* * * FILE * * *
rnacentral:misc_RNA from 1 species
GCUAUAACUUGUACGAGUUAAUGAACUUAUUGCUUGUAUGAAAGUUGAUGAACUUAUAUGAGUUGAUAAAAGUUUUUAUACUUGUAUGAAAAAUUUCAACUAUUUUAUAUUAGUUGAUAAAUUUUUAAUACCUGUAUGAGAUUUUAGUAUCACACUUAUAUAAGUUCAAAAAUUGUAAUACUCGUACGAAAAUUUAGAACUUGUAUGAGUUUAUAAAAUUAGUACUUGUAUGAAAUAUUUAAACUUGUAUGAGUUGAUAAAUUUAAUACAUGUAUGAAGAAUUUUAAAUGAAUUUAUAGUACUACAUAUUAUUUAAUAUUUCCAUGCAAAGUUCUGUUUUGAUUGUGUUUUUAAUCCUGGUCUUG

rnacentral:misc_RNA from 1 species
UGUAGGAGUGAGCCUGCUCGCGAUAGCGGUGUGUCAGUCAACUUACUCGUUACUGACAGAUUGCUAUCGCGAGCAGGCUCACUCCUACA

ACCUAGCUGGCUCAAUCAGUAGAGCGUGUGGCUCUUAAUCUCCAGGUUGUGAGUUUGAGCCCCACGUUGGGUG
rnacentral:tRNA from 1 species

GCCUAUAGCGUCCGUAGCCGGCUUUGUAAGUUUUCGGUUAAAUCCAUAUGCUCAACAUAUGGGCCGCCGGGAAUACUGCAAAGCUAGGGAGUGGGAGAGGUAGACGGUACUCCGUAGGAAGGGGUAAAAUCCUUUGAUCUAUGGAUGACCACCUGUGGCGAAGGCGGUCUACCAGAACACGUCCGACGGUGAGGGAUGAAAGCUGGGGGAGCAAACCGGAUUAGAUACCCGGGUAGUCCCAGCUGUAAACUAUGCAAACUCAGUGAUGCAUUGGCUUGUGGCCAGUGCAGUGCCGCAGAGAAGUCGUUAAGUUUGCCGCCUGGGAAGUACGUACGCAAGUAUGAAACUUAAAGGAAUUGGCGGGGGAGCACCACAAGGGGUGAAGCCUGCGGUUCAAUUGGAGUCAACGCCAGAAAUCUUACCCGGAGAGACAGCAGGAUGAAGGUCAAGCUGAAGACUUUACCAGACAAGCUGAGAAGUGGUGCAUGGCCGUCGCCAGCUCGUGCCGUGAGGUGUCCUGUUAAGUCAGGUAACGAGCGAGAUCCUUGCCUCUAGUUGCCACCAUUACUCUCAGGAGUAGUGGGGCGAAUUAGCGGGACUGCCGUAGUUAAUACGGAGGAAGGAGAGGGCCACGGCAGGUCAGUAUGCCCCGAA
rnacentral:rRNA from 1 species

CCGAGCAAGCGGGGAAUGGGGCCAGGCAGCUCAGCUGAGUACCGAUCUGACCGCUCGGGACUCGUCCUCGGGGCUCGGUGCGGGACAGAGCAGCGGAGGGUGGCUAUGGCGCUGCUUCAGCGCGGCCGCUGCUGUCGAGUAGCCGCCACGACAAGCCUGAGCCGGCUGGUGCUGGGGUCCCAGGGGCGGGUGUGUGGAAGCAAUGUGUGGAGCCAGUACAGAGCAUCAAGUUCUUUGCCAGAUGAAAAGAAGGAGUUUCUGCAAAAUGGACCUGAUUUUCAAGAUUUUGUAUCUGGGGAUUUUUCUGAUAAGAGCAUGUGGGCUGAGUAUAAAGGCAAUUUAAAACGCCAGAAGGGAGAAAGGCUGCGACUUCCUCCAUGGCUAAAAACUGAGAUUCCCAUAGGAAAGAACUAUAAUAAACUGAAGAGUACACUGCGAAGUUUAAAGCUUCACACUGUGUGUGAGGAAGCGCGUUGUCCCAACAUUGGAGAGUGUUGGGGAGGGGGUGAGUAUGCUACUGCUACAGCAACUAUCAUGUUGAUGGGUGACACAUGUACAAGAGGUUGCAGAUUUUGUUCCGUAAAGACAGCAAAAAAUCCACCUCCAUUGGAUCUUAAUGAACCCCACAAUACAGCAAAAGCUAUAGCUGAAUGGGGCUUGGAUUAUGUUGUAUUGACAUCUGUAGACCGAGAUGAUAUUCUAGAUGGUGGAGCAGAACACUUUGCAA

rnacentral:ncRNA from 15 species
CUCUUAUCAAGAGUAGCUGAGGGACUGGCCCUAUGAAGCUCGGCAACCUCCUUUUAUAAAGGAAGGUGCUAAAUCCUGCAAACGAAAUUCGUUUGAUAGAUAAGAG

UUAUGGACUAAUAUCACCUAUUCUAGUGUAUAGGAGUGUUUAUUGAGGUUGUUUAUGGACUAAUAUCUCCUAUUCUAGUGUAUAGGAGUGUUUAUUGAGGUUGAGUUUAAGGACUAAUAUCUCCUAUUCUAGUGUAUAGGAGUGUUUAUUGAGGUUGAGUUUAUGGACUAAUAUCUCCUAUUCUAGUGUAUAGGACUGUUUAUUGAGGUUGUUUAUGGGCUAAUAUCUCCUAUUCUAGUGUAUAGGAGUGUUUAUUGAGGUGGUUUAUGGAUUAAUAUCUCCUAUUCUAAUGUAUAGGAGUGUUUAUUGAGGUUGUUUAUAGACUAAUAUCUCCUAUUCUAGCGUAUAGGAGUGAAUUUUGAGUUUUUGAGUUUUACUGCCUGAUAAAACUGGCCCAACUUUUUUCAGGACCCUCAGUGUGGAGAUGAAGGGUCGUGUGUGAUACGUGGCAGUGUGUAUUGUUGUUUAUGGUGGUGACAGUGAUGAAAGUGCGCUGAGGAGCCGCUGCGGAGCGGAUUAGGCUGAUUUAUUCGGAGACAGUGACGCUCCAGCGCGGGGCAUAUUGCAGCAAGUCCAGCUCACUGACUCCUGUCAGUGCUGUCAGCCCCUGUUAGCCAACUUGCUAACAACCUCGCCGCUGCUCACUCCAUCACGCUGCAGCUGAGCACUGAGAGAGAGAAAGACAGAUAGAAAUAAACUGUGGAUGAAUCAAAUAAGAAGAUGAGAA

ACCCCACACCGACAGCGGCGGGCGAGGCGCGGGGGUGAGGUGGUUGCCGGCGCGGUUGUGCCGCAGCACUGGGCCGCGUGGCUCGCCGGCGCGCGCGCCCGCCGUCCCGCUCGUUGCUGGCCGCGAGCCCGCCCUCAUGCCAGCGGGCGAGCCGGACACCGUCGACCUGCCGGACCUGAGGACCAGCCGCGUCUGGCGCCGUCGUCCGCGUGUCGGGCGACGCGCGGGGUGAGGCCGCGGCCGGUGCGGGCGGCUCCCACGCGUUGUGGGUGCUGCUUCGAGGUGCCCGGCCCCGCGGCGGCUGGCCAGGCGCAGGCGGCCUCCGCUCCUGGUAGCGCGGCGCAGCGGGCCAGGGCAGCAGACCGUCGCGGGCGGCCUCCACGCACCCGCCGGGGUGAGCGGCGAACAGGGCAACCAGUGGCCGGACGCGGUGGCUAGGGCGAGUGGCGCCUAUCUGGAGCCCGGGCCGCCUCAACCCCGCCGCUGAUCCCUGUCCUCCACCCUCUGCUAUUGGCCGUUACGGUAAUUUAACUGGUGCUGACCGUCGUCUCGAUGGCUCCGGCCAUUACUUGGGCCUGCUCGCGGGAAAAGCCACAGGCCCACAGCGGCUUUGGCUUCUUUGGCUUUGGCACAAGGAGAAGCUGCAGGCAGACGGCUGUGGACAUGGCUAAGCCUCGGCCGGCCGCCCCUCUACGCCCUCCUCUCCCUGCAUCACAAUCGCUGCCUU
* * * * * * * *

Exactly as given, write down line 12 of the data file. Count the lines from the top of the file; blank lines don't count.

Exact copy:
UUAUGGACUAAUAUCACCUAUUCUAGUGUAUAGGAGUGUUUAUUGAGGUUGUUUAUGGACUAAUAUCUCCUAUUCUAGUGUAUAGGAGUGUUUAUUGAGGUUGAGUUUAAGGACUAAUAUCUCCUAUUCUAGUGUAUAGGAGUGUUUAUUGAGGUUGAGUUUAUGGACUAAUAUCUCCUAUUCUAGUGUAUAGGACUGUUUAUUGAGGUUGUUUAUGGGCUAAUAUCUCCUAUUCUAGUGUAUAGGAGUGUUUAUUGAGGUGGUUUAUGGAUUAAUAUCUCCUAUUCUAAUGUAUAGGAGUGUUUAUUGAGGUUGUUUAUAGACUAAUAUCUCCUAUUCUAGCGUAUAGGAGUGAAUUUUGAGUUUUUGAGUUUUACUGCCUGAUAAAACUGGCCCAACUUUUUUCAGGACCCUCAGUGUGGAGAUGAAGGGUCGUGUGUGAUACGUGGCAGUGUGUAUUGUUGUUUAUGGUGGUGACAGUGAUGAAAGUGCGCUGAGGAGCCGCUGCGGAGCGGAUUAGGCUGAUUUAUUCGGAGACAGUGACGCUCCAGCGCGGGGCAUAUUGCAGCAAGUCCAGCUCACUGACUCCUGUCAGUGCUGUCAGCCCCUGUUAGCCAACUUGCUAACAACCUCGCCGCUGCUCACUCCAUCACGCUGCAGCUGAGCACUGAGAGAGAGAAAGACAGAUAGAAAUAAACUGUGGAUGAAUCAAAUAAGAAGAUGAGAA